Academia, Love Me Back



I’m sitting here, having just blogged about Tiffany Martinez’s experience and my anxiety is through the roof, I’m hit with waves of sadness and I want to throw up. This happened to me many, many years ago and the horror of the way it felt comes rushing back in a heart beat.

My first year of college was at the esteemed liberal arts college Evergreen State College, I was fresh out of high school and eager to learn. Evergreen isn’t like every school, for instance it doesn’t have grades, it has evaluations. The teacher writes about you, how you participated in her or his class and you write about the teacher.

The course I chose was called Search For Justice, one of my favorite books of all time was required reading for it, a book I still haul around, move after move. What Is Justice.

I’d been diagnosed with dyslexia in middle school and mostly it meant my spelling tests were pretty terrible. I’d ask how do you spell… and be told by my long suffering mother “Look it up!” It’s likely why I had to take Geometry twice.

In Search for Justice I learned to love Economics. In Women’s Studies were were reading about Mary Wollenstonecraft’s Rights of Women, the driving force in Mary Shelley’s life, her mother, the center of every child’s heart. I had faculty who went to Latin America in secret take photos of dictatorships. Professors who walked with Cesar Chavez.

And because I was dyslexic, I was accused of plagiarism. I was beyond confused when my women’s studies teacher told me that I could not possibly have written my papers because the work was brilliant and the errors were elementary.

In tears, I went to the student tutors who were at a loss. Maybe I should dumb down my paper? They could help me fix my spelling errors and errant grammar syntax’s but how did I write a poorer paper?

To this day you’ll see my ‘s like to shift around my work. Sometimes people peak when they mean to peek. Lucky them. I can’t submit anything without having someone proof read it. It took my husband three years to read my novel so I could submit it to the publisher who’d requested it.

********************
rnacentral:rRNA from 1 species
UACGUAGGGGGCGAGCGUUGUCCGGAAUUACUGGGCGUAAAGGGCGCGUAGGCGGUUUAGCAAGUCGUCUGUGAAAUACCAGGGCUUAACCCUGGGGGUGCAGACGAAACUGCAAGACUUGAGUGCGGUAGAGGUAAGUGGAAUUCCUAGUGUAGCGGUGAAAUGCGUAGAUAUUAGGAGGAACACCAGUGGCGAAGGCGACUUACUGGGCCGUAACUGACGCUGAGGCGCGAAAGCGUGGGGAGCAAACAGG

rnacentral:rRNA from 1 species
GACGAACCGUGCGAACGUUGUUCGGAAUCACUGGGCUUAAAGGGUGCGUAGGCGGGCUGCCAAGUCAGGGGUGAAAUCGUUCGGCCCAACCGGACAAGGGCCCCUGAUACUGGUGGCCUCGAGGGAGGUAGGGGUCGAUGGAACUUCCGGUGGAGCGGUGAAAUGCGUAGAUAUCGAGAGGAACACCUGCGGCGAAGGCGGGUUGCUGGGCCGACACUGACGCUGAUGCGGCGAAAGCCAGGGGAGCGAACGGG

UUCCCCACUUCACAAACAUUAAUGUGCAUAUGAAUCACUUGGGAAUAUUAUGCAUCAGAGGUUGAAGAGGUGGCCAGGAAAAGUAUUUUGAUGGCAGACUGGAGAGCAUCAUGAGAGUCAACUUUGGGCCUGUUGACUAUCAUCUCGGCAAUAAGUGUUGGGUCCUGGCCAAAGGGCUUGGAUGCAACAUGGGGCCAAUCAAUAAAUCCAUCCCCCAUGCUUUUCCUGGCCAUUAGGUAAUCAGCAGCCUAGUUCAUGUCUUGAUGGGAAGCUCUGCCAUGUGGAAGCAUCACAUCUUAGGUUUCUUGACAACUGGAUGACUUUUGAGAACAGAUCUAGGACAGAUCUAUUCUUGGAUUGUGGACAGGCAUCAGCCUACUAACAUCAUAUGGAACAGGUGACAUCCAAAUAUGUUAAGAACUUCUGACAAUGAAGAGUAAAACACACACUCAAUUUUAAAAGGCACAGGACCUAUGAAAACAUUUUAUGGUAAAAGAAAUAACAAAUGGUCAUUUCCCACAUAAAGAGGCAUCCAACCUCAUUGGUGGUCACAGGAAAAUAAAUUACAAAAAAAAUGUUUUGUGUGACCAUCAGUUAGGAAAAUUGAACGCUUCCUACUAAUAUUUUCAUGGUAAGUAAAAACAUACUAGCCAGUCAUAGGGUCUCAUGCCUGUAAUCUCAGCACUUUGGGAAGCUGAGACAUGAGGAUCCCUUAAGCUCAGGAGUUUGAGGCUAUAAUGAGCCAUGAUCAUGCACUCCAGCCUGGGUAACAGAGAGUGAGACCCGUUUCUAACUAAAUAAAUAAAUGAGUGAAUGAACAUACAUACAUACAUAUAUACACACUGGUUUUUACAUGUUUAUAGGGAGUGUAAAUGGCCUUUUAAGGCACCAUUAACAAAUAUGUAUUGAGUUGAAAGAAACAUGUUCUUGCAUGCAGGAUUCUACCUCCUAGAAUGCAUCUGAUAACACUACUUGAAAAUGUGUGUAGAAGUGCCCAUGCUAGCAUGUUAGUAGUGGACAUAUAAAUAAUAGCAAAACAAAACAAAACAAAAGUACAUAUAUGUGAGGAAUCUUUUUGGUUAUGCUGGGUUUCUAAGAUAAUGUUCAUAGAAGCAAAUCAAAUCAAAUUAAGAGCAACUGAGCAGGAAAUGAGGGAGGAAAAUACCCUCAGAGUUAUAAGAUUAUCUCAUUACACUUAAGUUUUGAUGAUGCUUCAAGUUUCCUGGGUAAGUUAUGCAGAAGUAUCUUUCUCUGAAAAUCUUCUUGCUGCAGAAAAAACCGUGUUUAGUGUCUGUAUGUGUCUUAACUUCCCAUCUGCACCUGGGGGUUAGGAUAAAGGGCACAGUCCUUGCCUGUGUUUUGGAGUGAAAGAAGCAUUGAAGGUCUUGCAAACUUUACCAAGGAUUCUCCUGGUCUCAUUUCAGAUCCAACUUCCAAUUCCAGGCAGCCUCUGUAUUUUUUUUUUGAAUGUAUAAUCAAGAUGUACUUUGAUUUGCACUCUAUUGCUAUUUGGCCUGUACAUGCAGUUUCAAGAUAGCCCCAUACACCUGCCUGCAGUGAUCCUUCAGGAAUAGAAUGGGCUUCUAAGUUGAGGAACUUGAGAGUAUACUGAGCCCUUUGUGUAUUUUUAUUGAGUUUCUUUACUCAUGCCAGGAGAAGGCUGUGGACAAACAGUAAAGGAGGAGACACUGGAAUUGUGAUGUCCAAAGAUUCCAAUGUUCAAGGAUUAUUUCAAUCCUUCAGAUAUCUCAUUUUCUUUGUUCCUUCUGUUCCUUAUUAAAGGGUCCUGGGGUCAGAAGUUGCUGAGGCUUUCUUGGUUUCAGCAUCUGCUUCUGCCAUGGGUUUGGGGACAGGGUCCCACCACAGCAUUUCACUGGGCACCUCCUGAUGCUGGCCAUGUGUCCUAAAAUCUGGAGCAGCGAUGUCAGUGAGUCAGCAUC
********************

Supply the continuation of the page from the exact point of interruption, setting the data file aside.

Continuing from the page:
What happened in that class? Did justice prevail? Nope. My Economics professor told me he really liked me but couldn’t help me, because the Women’s Studies teacher had tenure.

So I quit. Changed course directions.

When you see an error in something I post, and it’s driving you crazy, just know I can’t see it. If I could, I would have finished my Search For Justice.

Is there justice? I don’t know. Not in that class. My search will continue.


My name is Tiffany Martínez. As a McNair Fellow and student scholar, I’ve presented at national conferences in San Francisco, San Diego, and Miami. I have crafted a critical reflection piece that was published in a peer-reviewed journal managed by the Pell Institute for the Study of Higher Education and Council for Opportunity in Education. I have consistently juggled at least two jobs and maintained the status of a full-time student and Dean’s list recipient since my first year at Suffolk University. I have used this past summer to supervise a teen girls empower program and craft a thirty page intensive research project funded by the federal government. As a first generation college student, first generation U.S. citizen, and aspiring professor I have confronted a number of obstacles in order to earn every accomplishment and award I have accumulated. In the face of struggle, I have persevered and continuously produced…

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